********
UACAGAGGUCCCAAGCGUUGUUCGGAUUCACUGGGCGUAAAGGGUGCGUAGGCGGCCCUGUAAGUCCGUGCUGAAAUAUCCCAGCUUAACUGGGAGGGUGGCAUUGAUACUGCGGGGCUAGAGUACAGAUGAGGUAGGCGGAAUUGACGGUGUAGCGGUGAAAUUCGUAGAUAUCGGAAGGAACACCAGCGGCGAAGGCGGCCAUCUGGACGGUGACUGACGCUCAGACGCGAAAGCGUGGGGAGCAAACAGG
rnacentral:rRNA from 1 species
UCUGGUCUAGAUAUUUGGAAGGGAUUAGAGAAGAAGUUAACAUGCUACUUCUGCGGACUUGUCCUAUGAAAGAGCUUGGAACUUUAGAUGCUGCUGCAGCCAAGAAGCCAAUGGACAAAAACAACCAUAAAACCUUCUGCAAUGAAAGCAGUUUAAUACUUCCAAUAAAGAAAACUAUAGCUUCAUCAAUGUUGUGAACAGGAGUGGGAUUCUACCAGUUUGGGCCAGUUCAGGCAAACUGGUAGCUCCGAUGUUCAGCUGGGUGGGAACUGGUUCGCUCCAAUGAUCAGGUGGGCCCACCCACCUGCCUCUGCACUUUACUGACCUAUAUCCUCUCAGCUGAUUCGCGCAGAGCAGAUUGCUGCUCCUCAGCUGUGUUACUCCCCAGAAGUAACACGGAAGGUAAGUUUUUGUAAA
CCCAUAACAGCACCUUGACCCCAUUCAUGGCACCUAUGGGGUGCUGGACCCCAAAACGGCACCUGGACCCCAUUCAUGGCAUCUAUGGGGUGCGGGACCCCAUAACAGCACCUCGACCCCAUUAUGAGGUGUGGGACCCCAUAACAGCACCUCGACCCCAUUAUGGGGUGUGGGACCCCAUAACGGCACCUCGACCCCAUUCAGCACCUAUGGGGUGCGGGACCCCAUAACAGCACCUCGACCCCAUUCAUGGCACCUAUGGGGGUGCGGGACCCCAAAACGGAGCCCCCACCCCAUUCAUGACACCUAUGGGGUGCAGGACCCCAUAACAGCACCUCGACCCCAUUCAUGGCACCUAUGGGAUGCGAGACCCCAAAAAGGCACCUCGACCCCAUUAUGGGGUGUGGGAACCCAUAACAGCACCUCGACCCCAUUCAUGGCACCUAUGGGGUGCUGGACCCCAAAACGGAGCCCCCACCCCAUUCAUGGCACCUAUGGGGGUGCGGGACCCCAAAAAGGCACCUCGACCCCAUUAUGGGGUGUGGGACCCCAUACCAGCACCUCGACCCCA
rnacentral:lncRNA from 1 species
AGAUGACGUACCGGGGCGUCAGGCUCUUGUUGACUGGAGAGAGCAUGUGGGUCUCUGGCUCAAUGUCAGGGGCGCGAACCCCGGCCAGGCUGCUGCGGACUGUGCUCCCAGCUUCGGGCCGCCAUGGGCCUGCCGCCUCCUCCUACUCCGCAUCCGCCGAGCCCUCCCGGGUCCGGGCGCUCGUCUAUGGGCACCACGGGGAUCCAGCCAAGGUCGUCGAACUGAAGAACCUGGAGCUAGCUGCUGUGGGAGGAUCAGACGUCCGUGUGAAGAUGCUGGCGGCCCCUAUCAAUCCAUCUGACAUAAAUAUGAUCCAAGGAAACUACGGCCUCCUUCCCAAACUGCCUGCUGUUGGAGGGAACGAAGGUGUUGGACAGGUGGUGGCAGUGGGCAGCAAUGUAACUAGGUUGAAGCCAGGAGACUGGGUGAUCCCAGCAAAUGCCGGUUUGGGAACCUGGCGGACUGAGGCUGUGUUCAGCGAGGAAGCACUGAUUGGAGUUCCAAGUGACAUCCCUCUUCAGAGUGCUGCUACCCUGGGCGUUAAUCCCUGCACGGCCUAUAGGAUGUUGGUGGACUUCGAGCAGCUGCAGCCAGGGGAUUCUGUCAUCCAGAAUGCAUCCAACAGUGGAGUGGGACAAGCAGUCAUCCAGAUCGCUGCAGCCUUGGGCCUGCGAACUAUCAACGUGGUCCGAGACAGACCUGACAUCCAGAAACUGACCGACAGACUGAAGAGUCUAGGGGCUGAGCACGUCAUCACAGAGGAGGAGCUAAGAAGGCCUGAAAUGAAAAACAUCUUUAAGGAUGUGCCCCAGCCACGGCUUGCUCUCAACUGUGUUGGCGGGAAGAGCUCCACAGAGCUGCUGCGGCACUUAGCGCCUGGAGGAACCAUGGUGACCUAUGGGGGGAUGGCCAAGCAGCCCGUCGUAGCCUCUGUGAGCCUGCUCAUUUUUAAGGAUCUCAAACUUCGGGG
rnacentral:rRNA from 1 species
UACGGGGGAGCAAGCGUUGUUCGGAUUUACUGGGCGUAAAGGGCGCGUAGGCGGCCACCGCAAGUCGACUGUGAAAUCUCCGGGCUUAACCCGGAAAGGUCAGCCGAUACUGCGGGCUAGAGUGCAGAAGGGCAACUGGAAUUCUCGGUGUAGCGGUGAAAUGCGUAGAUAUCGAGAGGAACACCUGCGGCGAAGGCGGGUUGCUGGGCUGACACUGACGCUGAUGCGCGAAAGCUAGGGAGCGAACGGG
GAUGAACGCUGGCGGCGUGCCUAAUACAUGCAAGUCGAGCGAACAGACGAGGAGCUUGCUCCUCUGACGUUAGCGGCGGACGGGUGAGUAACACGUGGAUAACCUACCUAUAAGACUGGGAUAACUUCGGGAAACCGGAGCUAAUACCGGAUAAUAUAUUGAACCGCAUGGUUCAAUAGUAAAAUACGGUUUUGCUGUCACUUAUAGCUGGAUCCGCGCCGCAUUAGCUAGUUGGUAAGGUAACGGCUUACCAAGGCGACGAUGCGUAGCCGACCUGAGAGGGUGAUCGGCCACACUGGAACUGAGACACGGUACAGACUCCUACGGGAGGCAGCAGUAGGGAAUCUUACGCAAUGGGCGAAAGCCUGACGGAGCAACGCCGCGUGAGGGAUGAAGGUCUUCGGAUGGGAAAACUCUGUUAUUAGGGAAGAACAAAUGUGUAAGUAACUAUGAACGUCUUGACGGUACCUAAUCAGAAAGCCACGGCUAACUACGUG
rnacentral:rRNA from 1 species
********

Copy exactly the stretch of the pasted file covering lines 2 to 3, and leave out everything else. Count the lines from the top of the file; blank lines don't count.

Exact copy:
rnacentral:rRNA from 1 species
UCUGGUCUAGAUAUUUGGAAGGGAUUAGAGAAGAAGUUAACAUGCUACUUCUGCGGACUUGUCCUAUGAAAGAGCUUGGAACUUUAGAUGCUGCUGCAGCCAAGAAGCCAAUGGACAAAAACAACCAUAAAACCUUCUGCAAUGAAAGCAGUUUAAUACUUCCAAUAAAGAAAACUAUAGCUUCAUCAAUGUUGUGAACAGGAGUGGGAUUCUACCAGUUUGGGCCAGUUCAGGCAAACUGGUAGCUCCGAUGUUCAGCUGGGUGGGAACUGGUUCGCUCCAAUGAUCAGGUGGGCCCACCCACCUGCCUCUGCACUUUACUGACCUAUAUCCUCUCAGCUGAUUCGCGCAGAGCAGAUUGCUGCUCCUCAGCUGUGUUACUCCCCAGAAGUAACACGGAAGGUAAGUUUUUGUAAA